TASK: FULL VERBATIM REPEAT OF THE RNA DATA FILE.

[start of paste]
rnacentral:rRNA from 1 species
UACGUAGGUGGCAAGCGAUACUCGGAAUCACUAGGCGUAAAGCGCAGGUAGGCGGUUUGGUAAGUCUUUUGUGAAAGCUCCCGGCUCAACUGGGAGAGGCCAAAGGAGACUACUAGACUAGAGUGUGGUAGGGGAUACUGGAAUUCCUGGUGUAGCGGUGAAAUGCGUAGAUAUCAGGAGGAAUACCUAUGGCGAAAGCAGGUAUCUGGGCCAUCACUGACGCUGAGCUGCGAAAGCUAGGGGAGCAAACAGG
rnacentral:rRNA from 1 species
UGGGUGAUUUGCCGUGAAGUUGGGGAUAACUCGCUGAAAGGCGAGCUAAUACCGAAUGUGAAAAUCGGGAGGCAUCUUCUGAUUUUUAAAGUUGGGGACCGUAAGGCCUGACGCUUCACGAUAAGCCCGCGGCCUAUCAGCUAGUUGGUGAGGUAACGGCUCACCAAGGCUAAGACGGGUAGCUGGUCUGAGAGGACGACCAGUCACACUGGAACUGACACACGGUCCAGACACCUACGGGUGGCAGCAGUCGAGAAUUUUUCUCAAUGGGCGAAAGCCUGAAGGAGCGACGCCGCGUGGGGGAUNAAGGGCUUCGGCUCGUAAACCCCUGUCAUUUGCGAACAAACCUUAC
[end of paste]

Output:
rnacentral:rRNA from 1 species
UACGUAGGUGGCAAGCGAUACUCGGAAUCACUAGGCGUAAAGCGCAGGUAGGCGGUUUGGUAAGUCUUUUGUGAAAGCUCCCGGCUCAACUGGGAGAGGCCAAAGGAGACUACUAGACUAGAGUGUGGUAGGGGAUACUGGAAUUCCUGGUGUAGCGGUGAAAUGCGUAGAUAUCAGGAGGAAUACCUAUGGCGAAAGCAGGUAUCUGGGCCAUCACUGACGCUGAGCUGCGAAAGCUAGGGGAGCAAACAGG
rnacentral:rRNA from 1 species
UGGGUGAUUUGCCGUGAAGUUGGGGAUAACUCGCUGAAAGGCGAGCUAAUACCGAAUGUGAAAAUCGGGAGGCAUCUUCUGAUUUUUAAAGUUGGGGACCGUAAGGCCUGACGCUUCACGAUAAGCCCGCGGCCUAUCAGCUAGUUGGUGAGGUAACGGCUCACCAAGGCUAAGACGGGUAGCUGGUCUGAGAGGACGACCAGUCACACUGGAACUGACACACGGUCCAGACACCUACGGGUGGCAGCAGUCGAGAAUUUUUCUCAAUGGGCGAAAGCCUGAAGGAGCGACGCCGCGUGGGGGAUNAAGGGCUUCGGCUCGUAAACCCCUGUCAUUUGCGAACAAACCUUAC